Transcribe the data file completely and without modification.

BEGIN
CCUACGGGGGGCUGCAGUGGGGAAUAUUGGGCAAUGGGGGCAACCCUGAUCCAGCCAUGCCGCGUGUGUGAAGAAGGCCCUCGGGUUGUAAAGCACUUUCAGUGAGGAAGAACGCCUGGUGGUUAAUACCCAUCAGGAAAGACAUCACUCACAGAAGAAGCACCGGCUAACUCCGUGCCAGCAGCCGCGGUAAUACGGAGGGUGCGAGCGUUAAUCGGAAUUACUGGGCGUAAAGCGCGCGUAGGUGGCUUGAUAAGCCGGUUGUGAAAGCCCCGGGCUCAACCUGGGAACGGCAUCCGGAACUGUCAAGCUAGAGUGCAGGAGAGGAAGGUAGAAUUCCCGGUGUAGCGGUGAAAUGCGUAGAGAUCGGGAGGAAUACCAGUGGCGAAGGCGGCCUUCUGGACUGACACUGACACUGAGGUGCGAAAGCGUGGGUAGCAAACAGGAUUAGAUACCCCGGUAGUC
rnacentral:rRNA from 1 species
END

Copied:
CCUACGGGGGGCUGCAGUGGGGAAUAUUGGGCAAUGGGGGCAACCCUGAUCCAGCCAUGCCGCGUGUGUGAAGAAGGCCCUCGGGUUGUAAAGCACUUUCAGUGAGGAAGAACGCCUGGUGGUUAAUACCCAUCAGGAAAGACAUCACUCACAGAAGAAGCACCGGCUAACUCCGUGCCAGCAGCCGCGGUAAUACGGAGGGUGCGAGCGUUAAUCGGAAUUACUGGGCGUAAAGCGCGCGUAGGUGGCUUGAUAAGCCGGUUGUGAAAGCCCCGGGCUCAACCUGGGAACGGCAUCCGGAACUGUCAAGCUAGAGUGCAGGAGAGGAAGGUAGAAUUCCCGGUGUAGCGGUGAAAUGCGUAGAGAUCGGGAGGAAUACCAGUGGCGAAGGCGGCCUUCUGGACUGACACUGACACUGAGGUGCGAAAGCGUGGGUAGCAAACAGGAUUAGAUACCCCGGUAGUC
rnacentral:rRNA from 1 species